New turning point for Libya’s proxy war

The proxy war in Libya between a UN-backed government in Tripoli armed by Turkey and a rival government in eastern Libya backed by Egypt, UAE, Saudi Arabia and Russia is far from being over with the victory of Serraj government over Haftar forces in Tripoli’s outskirts.

The Government of National Accord is now putting pressure to regain Sirte, which Egyptian President Abdelfattah Sisi declared as a red line.

“Let’s stop at this (current) front line and start negotiations to reach a political solution to the Libyan crisis,” Sisi said referring to Sirte and Jorfa.

 

The Tripoli-based government denounced remarks of the Egyptian president, who said Sirte and Jufra in Libya are “a red line,” calling it “a clear declaration of war and a blatant interference” in Libyan affairs

“Sisi’s statements that Sirte and Jufra are a red line, according to his description, is a blatant interference in our country’s affairs, and we consider it a clear declaration of a war on Libya,” Abdel-Hadi Darah, a military spokesman loyal to the Tripoli-based government said.

Meanwhile, Turkey said on Saturday that Haftar’s forces in eastern Libya needed to withdraw from the strategic city of Sirte for a lasting ceasefire.

Ibrahim Kalin, the presidential spokesman, told the AFP news agency that Sirte and Al-Jufra should be evacuated by Haftar’s forces for a “sustainable ceasefire”.

Kalin said a ceasefire in Libya would be possible if everybody went back to their positions in 2015, referring to the Skhirate agreement signed in Morocco that year and scrapped last month by Haftar.

Sisi apparently could not swallow the humiliating rejection of his truce plan, which he put forward to save his ally Haftar whose forces kept receiving setbacks one after the other in recent weeks.

On a visit to Sidi Barrani military base near Libya, he ordered his forces to prepare for a mission outside the borders hinting at an imminent intervention in Libya to save his ally Haftar.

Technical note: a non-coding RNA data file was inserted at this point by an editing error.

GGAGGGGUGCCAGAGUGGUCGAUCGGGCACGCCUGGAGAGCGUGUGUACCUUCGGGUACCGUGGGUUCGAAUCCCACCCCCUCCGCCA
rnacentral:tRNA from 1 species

So far, media reports speak of tacit Russian support, while the UAE and Saudi Arabia expressed outspoken backing for Sisi comparing Egypt’s security as their own.

Haftar would bring to Libya the same kind of military and conservative rule that Egypt and the Gulf monarchies have.

Turkey, on the other hand, which considers Sisi as a coup general, has increased its military intervention to support the Tripoli-based government in recent months, sending ships off the coast, planes to bring weapons, mercenaries and armed drones to the country.

During the proxy war over Tripoli, Turkish Bayraktar drones have defeated the UAE-supplied Russian Pantsir air defense and were instrumental in pushing Haftar’s forces back.

Egypt’s willingness to send troops is fraught with risk. Though it has a massive army, it is very burdened by the policing it has been involved at and has been untested in foreign soils. Almost all interventions of the Egyptian army in recent history (Syria, Yemen and Jordan) have been a fiasco.

Analysts however consider that Sisi will be contented with air strikes as sending troops on the ground would be an invitation to a direct involvement by Turkey.

Turkey has said it will build new military bases in Libya, which it could add to the bases it has in nine countries.

Turkey is trying to tell the West that it has control over the eastern Mediterranean and to cast itself as a force that can push back Russia in the region.

The West so-far seems disinterested in a direct involvement in the Libyan mayhem and Egypt’s call for a truce was received with indifference globally.

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